Zambia asks mines to cut output

[] — Zambian power utility Zesco has asked mining companies, the largest consumers of electricity, to cut output while it tests a recently rehabilitated power plant, a senior official said on Thursday.

Zesco Ltd. director for generation and transmission Christopher Nthala told Reuters one machine at the 990 megawatt Kafue Gorge, which supplies most of the power to the mining industry, would be shut for checks for 24 hours from Thursday night.

Nthala said this meant the power station’s output would be reduced by 330 megawatts. Zesco would decrease national power output to about 1,300 megawatts from the current installed capacity of 1,630 megawatts.

“Taking into consideration our maximum load demand of 1,500 megawatts … we are going to have a shortfall of 200 megawatts which will result in increased load-shedding,” Nthala said.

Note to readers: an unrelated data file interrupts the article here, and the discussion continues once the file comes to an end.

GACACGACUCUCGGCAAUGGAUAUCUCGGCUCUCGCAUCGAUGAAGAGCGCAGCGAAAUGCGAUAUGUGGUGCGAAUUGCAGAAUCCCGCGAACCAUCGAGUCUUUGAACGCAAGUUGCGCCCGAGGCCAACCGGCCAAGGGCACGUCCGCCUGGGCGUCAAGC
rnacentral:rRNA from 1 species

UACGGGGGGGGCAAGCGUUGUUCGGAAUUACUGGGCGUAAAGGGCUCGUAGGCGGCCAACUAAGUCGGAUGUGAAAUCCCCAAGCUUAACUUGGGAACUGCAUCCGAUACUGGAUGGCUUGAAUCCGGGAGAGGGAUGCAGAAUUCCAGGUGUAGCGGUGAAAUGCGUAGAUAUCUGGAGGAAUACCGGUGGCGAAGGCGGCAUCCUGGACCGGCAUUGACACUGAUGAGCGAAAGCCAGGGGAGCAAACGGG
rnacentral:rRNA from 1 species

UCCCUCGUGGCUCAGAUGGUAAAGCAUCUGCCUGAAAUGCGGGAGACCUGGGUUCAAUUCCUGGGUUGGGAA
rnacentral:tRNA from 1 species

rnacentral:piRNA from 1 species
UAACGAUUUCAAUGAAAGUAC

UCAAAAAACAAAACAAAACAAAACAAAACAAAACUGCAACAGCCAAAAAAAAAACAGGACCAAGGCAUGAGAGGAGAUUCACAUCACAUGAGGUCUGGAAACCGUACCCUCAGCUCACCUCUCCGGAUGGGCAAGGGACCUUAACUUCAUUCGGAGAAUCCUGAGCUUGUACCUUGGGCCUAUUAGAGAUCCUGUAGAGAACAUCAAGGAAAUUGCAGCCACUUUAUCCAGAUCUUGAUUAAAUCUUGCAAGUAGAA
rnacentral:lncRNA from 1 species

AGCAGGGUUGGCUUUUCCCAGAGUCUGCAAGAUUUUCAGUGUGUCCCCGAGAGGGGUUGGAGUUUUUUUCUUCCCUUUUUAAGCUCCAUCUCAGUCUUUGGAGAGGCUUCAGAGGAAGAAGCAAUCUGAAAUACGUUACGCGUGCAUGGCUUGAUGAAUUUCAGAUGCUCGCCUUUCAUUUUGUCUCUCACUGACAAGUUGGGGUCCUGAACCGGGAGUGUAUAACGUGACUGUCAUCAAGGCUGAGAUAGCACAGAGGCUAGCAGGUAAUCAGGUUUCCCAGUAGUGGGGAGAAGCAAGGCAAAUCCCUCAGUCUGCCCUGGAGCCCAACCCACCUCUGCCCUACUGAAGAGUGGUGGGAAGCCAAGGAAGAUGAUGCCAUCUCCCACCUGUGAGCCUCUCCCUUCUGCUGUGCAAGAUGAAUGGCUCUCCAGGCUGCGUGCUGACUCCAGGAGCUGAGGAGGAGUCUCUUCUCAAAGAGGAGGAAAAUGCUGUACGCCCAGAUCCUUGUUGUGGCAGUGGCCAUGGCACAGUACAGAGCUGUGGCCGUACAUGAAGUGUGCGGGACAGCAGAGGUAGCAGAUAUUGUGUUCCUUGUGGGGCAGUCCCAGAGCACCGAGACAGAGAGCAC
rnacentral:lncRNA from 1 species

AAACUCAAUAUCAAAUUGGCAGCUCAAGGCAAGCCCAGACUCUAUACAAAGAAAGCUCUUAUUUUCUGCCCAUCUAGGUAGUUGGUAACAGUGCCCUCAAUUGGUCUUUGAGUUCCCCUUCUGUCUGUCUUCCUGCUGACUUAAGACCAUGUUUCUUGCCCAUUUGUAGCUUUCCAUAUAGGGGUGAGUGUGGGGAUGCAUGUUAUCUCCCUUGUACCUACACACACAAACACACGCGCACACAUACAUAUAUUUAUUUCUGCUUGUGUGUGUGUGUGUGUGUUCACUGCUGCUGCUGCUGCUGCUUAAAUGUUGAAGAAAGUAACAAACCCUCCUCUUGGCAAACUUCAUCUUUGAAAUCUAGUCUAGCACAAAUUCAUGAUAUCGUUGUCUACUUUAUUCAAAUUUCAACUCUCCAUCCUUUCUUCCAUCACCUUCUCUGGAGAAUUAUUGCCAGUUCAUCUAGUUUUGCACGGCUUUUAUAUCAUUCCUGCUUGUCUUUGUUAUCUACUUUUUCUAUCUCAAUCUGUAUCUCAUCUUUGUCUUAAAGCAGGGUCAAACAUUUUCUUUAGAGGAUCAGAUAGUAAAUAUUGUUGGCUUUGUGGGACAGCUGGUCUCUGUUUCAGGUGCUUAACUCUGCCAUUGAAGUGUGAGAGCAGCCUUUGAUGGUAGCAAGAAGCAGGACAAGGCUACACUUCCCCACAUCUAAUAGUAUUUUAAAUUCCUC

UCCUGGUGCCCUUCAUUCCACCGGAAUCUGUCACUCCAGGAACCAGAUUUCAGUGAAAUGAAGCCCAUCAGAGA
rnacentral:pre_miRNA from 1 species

“We have written to our large customers like the mines and industries to help us during this period by using power efficiently.”

Nthala said Zambia may have to import power from South Africa to plug the deficit.

“If you look at 200 megawatts, that is a lot of power and only South Africa can provide us with that quantity,” he said.

Neil Croucher, the chief executive officer at Copperbelt Energy Corporation (CEC), which buys power from Zesco and supplies it to most of the mines, said the company had asked them to cut consumption from Thursday night.

“We have told the mines to cut back on the use of power in a way that will have minimum impact on production,” he told Reuters.